In German Culture, does the concept of a Master Bedroom, exist? In America, most houses have a master bedroom that is constructed differently than the others, and is usually identified as such on the building plans. It is usually the largest bedroom, and many times will have special construction considerations, such as it's own bathroom, bigger closets, restricted access, etc.

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    Mauser, welcome to the site! Your question might raise a few eyebrows as "lacking research" or "not about the language". As I think it's actually quite interesting, could you please add a bit of your own research (e.g. what does your dictionary say), please? You should take the tour and visit our help center to get a better understanding how this site works and what makes a good question. Again, welcome!
    – Stephie
    Jul 29, 2015 at 16:34
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    Do you really mean the largest room in the house, or the largest bedroom in the house? The former would be rather uncommon in Germany; normally the living room (possibly combined with the kitchen, in a more modern house) is largest.
    – chirlu
    Jul 29, 2015 at 16:58
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    I did a bit of research. I have studied the language for more than 8 years. I also have two brothers that each lived and worked in Germany, Austria, and Switzerland for 2 years, and can speak German quite fluently, but neither of them knew the answer. I also gained no traction searching the internet. In my experience the best answers to cultural questions are to discuss with someone from that culture.
    – Mike Vonn
    Jul 29, 2015 at 18:24
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    The expression master bedroom is not used in German. If there is a second bedroom for guests it is the Gästezimmer.
    – rogermue
    Aug 1, 2015 at 0:56
  • The concept of a bedroom is different in US/Canada/UK from Germany. Aug 4, 2015 at 1:23

1 Answer 1


Yes and no.

No, because we don't count bedrooms but "all-purpose-rooms" excluding kitchen and bathroom. You will find terms like


meaning three rooms that could either be used as three separate bedrooms (like with college students sharing a flat), bedroom, guest room, office... whatever combination comes to mind or fits the life of the inhabitants.

Yes, because of course the main inhabitant(s) (or parents, for example) need their bedroom. But you wouldn't use a literal translation, instead it would be called

  • Elternschlafzimmer (in case of parents) or simply
  • Schlafzimmer (generic term).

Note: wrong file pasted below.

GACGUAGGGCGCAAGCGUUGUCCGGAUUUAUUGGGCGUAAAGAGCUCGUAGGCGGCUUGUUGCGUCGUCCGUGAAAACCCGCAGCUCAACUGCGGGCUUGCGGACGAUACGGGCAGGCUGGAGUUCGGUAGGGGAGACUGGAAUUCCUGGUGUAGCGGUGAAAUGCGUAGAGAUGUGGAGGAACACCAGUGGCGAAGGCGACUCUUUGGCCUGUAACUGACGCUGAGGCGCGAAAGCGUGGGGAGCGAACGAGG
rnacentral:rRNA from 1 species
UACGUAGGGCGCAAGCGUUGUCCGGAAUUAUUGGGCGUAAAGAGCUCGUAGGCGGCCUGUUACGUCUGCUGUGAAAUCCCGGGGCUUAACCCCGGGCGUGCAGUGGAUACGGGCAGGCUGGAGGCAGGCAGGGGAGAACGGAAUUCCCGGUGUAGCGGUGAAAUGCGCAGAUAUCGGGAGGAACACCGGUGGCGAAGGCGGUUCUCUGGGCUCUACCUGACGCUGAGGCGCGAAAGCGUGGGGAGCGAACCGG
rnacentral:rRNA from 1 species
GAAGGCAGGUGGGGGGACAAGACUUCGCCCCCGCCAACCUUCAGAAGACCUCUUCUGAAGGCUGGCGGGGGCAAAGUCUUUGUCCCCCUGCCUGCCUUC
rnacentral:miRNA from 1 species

Non-Master bedrooms on the other hand are typically specified in detail, either as

  • Kinderzimmer (yes, often even if said child is 25 years old),
  • Gästezimmer (for guests)
  • zweites (drittes / ...) Schlafzimmer (e.g. in case of a couple having separate bedrooms or a shared flat)
  • [Name of occupant]s Zimmer (if the child mentioned above rejects the term "Kinderzimmer")
  • ...
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    In my experience, the Kinderzimmer is often larger than the Elternschlafzimmer. After all, the Kinderzimmer is essentially the living space for the child, where the child spends much time also at daytime (and needs a lot of space for toys etc.), whereas bedrooms for adults are usually only used at night, for sleeping. Sure applied to my Kinderzimmer :) Jul 29, 2015 at 20:44
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    How you use the rooms is up to the people who live there. In my childhood home, my parents originally did occupy the largest room beside the living room, but as soon as I got old enough to play unattended for a while, we did some in-house moving to swap bedrooms. Jul 29, 2015 at 20:50
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    @O.R.Mapper Yup. Because the alternative is LEGO all over the living room floor ^_^!
    – Stephie
    Jul 29, 2015 at 20:52
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    @Mauser You are welcome. As far as the nomenclature of bedrooms goes, yes, it's the same.
    – Stephie
    Jul 30, 2015 at 21:15
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    Also, we usually don't have walk in closets in Germany. Instead we have a piece of furniture called Schrank where we put our clothes. (yes, Schrank is often translated with closet but in my experience Americans will assume walk-in-closet and Germans will assume piece-of-furniture-closet when you say closet). Jul 31, 2015 at 7:31

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